Poor track record for Seattle agencies that help refugees find work – homelessness skyrockets
Posted by Christopher Coen on August 31, 2010
An article in the Seattle Times offers a window into current conditions for refugees in Washington State. Low-skill jobs are scarce and homelessness is skyrocketing. A one-night homeless count in January found 978 refugees and immigrants living in shelters or in transitional housing.
Refugee families…displaced people from war-torn parts of the world — are confronting homelessness all over again in their new homeland.
As tough to navigate as the homeless-support system can be for growing numbers of families in the Northwest, it can prove profoundly challenging for refugees, who may be unfamiliar with how the system works, may have few if any marketable job skills, often don’t speak English and don’t understand the culture here.
…”We are bringing people from refugee camps to get a new start in the U.S. only to see them Dumpster-diving somewhere,” said Tom Medina, who heads the state’s office of Refugee and Immigrant Assistance.
As part of the federal government’s commitment to helping displaced and persecuted people around the world, the U.S. will resettle about 80,000 refugees this year — about half the total number of those that get resettled across the globe.
Last year, some 2,600 — many of them Iraqis and ethnic minorities from Myanmar (also known as Burma) and Bhutan — came to Washington. The state is second only to Minnesota in drawing refugees who were first resettled in other parts of the U.S.
For many unable to find work, the housing shuffle begins when the government assistance they were receiving runs out, or their lease expires and the rent goes up, or the family dynamic changes in a way that they can no longer cover housing expenses.
In January, King County’s most recent annual one-night homeless count found families of refugees and immigrants that together totaled 978 adults and children living in shelters or in transitional housing — up from 638 the previous year.
That doesn’t account for the untold numbers who bed down in hotels, camp out in churches or squeeze into the already cramped apartments of friends or relatives.
Often, families that do have housing struggle to hang on to it… here
Local community-based groups that contract with the state to help refugees find work have a poor track record. In 2007, agencies placed 48 percent of refugees in jobs, but last year only 28 percent.
Together with state and local governments, the federal government invests heavily in helping refugees settle in.
Across the country, the State Department contracts with 10 agencies known as “volags” — short for voluntary agencies — to support refugees, helping them find housing, enroll their children in school, apply for benefits and look for work.
Separately, the federal government last year gave $4.2 million to Washington state and the state kicked in $4.6 million more. Washington, in turn, awards contracts to a network of community-based service providers to help refugees learn English, and get job training and other services.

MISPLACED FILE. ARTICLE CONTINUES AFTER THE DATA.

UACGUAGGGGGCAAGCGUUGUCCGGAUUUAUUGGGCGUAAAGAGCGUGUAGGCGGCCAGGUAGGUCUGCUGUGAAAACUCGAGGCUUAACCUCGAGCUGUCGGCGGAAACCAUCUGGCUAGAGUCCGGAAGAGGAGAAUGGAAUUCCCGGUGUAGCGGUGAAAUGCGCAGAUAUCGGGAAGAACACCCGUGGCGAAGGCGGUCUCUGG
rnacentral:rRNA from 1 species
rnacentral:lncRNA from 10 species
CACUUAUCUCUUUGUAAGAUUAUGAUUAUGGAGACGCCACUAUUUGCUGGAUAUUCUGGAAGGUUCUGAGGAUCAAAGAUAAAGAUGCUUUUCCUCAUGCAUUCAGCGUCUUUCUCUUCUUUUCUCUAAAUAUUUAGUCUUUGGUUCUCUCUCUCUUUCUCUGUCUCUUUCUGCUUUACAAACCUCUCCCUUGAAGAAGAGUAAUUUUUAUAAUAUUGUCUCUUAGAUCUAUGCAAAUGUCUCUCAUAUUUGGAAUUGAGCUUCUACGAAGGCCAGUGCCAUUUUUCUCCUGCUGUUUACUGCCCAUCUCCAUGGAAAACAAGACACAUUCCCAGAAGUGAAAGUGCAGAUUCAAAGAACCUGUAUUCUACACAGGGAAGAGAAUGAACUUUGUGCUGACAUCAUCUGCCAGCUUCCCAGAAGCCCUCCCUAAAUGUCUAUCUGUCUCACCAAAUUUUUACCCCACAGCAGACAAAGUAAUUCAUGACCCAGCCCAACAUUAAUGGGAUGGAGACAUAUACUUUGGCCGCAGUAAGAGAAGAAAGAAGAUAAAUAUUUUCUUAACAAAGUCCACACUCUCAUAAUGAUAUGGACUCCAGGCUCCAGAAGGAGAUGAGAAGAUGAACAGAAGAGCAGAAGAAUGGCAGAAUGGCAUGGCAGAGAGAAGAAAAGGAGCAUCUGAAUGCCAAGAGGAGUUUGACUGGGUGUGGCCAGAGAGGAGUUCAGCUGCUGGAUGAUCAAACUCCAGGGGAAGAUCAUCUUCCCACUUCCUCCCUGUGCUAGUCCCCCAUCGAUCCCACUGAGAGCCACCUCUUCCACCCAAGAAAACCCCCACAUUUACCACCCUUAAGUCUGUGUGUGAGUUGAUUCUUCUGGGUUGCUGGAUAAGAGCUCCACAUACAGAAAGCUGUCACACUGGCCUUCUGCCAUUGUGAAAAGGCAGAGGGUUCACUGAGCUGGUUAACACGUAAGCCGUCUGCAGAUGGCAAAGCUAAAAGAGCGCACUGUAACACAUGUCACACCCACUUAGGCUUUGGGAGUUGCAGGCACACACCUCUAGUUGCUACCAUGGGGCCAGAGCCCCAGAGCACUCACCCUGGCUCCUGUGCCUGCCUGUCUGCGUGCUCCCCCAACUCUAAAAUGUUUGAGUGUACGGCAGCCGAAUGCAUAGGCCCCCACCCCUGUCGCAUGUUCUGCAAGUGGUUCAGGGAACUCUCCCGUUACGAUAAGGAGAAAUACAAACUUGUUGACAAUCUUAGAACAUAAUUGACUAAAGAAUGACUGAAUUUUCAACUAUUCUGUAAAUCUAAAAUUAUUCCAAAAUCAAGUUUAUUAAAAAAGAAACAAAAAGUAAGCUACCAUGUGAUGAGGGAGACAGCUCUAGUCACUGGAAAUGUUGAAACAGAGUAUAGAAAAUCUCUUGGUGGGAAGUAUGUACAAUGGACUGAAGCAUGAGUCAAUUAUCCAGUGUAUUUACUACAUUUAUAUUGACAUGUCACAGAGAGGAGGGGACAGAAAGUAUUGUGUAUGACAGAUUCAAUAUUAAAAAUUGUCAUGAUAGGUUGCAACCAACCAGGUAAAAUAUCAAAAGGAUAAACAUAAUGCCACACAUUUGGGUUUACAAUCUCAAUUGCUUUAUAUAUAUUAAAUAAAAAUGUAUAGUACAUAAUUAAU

In terms of direct financial help, refugees are eligible for cash assistance and food stamps — $360 per month for up to eight months for single adults. Families with children under 18 are eligible for Temporary Assistance for Needy Families, known as TANF.
A family of three is eligible for $562 — higher than in all but 10 states — with the amount increasing about $100 for each additional eligible person, up to a maximum of $1,320.
Additionally, the federal government provides upfront cash for each arriving refugee — $1,100 per person.
…State Department officials acknowledge the current job market is creating a problem for many refugees but say that, as bad as things are in this country, conditions in the camps are even worse.
The federal government is studying how it might resettle people in areas of the U.S. where there are more available jobs. For example, with the recession coming to Washington later than other parts of the country, this region might have been one of those places.
But even in good times the community-based groups that contract with the state to help refugees find work have a poor track record.
In 2007, for example, 48 percent of refugees in the state were placed in jobs at an average hourly rate of $9.25. Last year, only 28 percent found work.
The article also mentions that President Obama will soon announce an increase in the number of refugees the US will accept next year.
The Obama administration is conducting the first major review of the nation’s 30-year-old resettlement program. But even before the findings are released, the administration is preparing to announce an increase in the number of refugees it will invite into the country next year.
State Department officials say refugees in camps overseas are told about the hard realities of the American economy, giving them the option to stay or go to another country.
But refugees themselves say that’s a tough call — that after years in squalid refugee camps, it’s hard to let go of their high hopes about life in America.